While serving his ice-water suspension, McLain was given another suspension, this time for carrying a gun onto a group flight. His suspension ran through the end of the 1970 season. All told, he went 3-5 with a 4.63 ERA, 5.22 FIP, and 0.6 bWAR in 91.1 innings which year.After that the 1970 season, he had been traded to the Washington Senators. He was 26 years old. In 1971, under director Ted Williams, he was the losing-est pitcher in baseball with a 10-22 record and has been value -0.4 bWAR. No pitcher since has lost more games in one season.By 1972, he had been out of baseball, pitching horribly for the Athletics and Braves this season. He didn't keep himself in shape, lost his fastball velocity, and seemingly"was 29 but seemed 45".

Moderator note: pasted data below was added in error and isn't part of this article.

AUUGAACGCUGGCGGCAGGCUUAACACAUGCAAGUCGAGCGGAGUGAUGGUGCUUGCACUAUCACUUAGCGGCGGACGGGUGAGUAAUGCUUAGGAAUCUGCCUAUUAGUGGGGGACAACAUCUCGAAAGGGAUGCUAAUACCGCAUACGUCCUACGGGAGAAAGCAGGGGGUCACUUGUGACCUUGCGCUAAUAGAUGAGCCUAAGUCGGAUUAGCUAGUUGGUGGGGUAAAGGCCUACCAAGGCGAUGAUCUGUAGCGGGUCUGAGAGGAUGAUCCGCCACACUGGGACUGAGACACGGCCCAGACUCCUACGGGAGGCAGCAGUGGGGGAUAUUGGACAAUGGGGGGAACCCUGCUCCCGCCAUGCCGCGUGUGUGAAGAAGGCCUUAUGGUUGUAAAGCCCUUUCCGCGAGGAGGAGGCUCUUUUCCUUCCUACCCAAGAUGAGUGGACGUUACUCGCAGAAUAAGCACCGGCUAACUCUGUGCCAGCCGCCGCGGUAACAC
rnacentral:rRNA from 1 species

After his baseball career ended, McLain undertook several other business ventures: He invested in tv businesses, owned a pub, turned into an author, opened multiple walk-in clinics, played the organ at clubs, took to hustling golf, was the GM of those minor-league Memphis Blues, and after even smuggled a fugitive from the country for $160,000. He took to bookmaking and loan sharking, basing his company from Tampa, FL. He had been investigated by the US Justice Department and indicted, tried, and convicted on counts of trafficking cocaine, embezzlement, and racketeering.
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